Thank you cousin Oni Thalheimer and Mark Radzin for nominating me to name 10 books that inspired me or had some kind of impact on me.
I felt like I needed to explain some of them so what better way than to BLOG IT!
Okay so first of all, I have NOT always been an avid reader. I can hear you all gasping so let me explain. I flat-out hated reading when I was a kid. Enough with the gasping already. Sheesh.
All I can remember about reading was reading comprehension tests. I was a slow reader so therefore did not do well on those tests. I felt like a stupid failure or maybe a better way to say it is, I felt stupid and like a failure. I still have an aversion to polka dots because of those tests.
On top of being a slow reader I had a bad case of living in my own private fantasy world. While the teacher would drone on about the required reading assignment, from some boring book I hated, my mind would take me to far away places where I would be the princess in a beautiful castle beatin’ the crap outta the dragon. I was the kind of girl who wore dresses and ripped tights from climbing trees and rocks. I’m still that kind of girl but now I’m an excellent climber…I hardly ever rip my tights anymore.
So I made my way through school as a B/C student. I’m not advocating for these kind of grades, I’m just stating my truth. This went on until mid way through Junior year in high school. As luck would have it, I had bunion surgery. Bunions are not lucky. Quite frankly they suck. But because of the bunions the town wouldn’t let me go back to the public high school for fear of someone stepping on my enormously bandaged feet and them getting sued.
The lucky part came in the form of a tutor, whose name I am ashamed I can’t remember and my mother was sleeping so I couldn’t ask her. I couldn’t daydream in front of the tutor. It was just me and her. In a room. For four hours a day. No distractions. Game on.
I became a straight A, honor roll student in high school and in college largely because of this tutor. The first great thing I can remember reading was:
#1. The Raven, The Tell-Tale Heart and The Murders in the Rue Morgue by Edgar Allen Poe. This was one creepy-ass individual and I dug that about him! He inspires me still.
The rest of the books that I’ll mention are not really in any order.
2. Oh The Places You’ll Go by Dr. Seuss. I can’t tell you how many times I’ve read this to my children and have given it as a gift. It is incredibly insightful. A lot can be learned from the simplicity of the messages in children’s books.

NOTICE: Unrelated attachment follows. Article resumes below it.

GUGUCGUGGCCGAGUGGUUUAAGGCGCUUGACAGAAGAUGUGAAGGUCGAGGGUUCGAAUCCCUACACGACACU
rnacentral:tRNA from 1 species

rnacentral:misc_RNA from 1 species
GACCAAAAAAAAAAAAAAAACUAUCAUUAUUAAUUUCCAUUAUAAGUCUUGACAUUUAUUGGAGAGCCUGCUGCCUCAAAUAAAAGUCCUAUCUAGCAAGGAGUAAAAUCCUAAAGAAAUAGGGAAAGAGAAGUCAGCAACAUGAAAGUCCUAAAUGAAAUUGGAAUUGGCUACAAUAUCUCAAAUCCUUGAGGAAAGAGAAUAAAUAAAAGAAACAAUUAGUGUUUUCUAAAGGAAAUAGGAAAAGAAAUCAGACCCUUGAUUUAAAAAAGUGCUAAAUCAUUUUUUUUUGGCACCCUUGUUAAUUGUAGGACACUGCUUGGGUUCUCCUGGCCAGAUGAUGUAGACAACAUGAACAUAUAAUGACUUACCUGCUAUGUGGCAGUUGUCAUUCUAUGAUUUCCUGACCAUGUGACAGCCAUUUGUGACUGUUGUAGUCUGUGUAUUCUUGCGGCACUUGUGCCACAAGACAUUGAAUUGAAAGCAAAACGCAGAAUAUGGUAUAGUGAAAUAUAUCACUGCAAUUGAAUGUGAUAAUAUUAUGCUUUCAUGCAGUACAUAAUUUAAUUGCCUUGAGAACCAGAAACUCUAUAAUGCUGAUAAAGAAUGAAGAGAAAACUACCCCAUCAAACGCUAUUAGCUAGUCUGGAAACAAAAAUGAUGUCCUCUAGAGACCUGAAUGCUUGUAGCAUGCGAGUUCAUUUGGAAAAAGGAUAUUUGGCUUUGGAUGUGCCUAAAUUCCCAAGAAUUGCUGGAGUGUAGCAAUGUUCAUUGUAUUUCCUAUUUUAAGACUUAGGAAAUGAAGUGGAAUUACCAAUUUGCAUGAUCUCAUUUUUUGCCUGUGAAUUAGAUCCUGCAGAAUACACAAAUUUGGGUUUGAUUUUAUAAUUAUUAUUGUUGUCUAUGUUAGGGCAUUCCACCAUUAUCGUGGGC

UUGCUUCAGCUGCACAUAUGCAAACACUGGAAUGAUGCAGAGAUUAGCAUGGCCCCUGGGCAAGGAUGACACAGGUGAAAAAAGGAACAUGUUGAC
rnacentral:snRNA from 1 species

3. Gone With The Wind by Margaret Mitchell. I was scared to death of this book because of its sheer fatness. When I looked at it, I thought, good God, it’s going to take me a decade to read this sucker! But since its one of my Aunt Minnie’s favorite books, and I adore Aunt Minnie, I finally gave in. I’m happy to report it did not take me a decade to finish and it became a personal triumph as well as one of my favorite books.
4. The Bible by God. There is some amazing history in that book! Sure, its taboo to talk about it, but a little taboo is okay. I enjoy my freedom to read and believe anything I want and I respect yours to do the same.
5. The Diary of Anne Frank. I actually read this in Jr. High while studying the Holocaust. My maiden name is Thalheimer. Half of my family was in Germany during this time. My grandmother told me a story about my Great-Grandfather speaking out against Hitler in a pub and how the SS military beat him to within an inch of his life and how they came and took over their house, forcing my Great-Grandparents and Aunt to cook and take care of them. This was horrible, yes, but it could have been so much worse as I found in Anne Frank’s Diary. This book put a face on evil for me at a very young age.
6. Are You There God? It’s me, Margaret by Judy Blume. This book belonged to my cousin Heidi, who probably never realized I stole it from her. I liked reading this book because I thought I wasn’t supposed to read it and of course because it’s fabulous!
7. The Harry Potter series by J.K. Rowling. ‘Nuff said.
8. Bird by Bird by Anne Lamott. When my daughter (who’s now 16) started kindergarten I went back to school for writing. This was the first thing I read that convinced me, without a doubt, that I am a writer.
9. Touching the Surface by Kimberly Sabatini. This book has great significance to me. I met Kim a few years ago when this book, her debut novel, was coming out. I didn’t know this at the time, how bat-shit-crazy a writer’s life is when their book is coming out, which makes this even more special to me. A mutual friend put us in touch with each other, and by that I mean I got her email and stalked her till she wrote back. LOL! And even though she had that bat-shit crazy thing going on, Kim graciously took me by the hand and led me down the newbie writer path. This book represents what I can attain. Kim, as a person, represents the kind of author I hope to be. THANK YOU MY SISTAH!
10. Mother Teresa’s Everything Starts from Prayer arranged by Anthony Stern, M.D. My love for Mother Teresa was cultivated by my Oma (grandmother in German). Mother T was one wise, wrinkled woman! You don’t have to be Catholic, or even Christian, to dig this lady. Mother Teresa said, “People throughout the world may look different or have a different religion, education, or position, but they are all the same. They are the people to be loved. They are all hungry for love.” Her mission was to love everyone regardless of race, gender, wealth, place in the world, or anything else you can think of. I have learned a tremendous amount from her.
You don’t have to be a writer to love reading. You do, however, have to love reading to be a writer. I read EVERYTHING! Young adult, new adult, adult, mystery, romance, paranormal, fantasy…if it’s got words…I read it! I don’t love everything I read but I usually learn something from it all.
So that’s my list. What’s yours?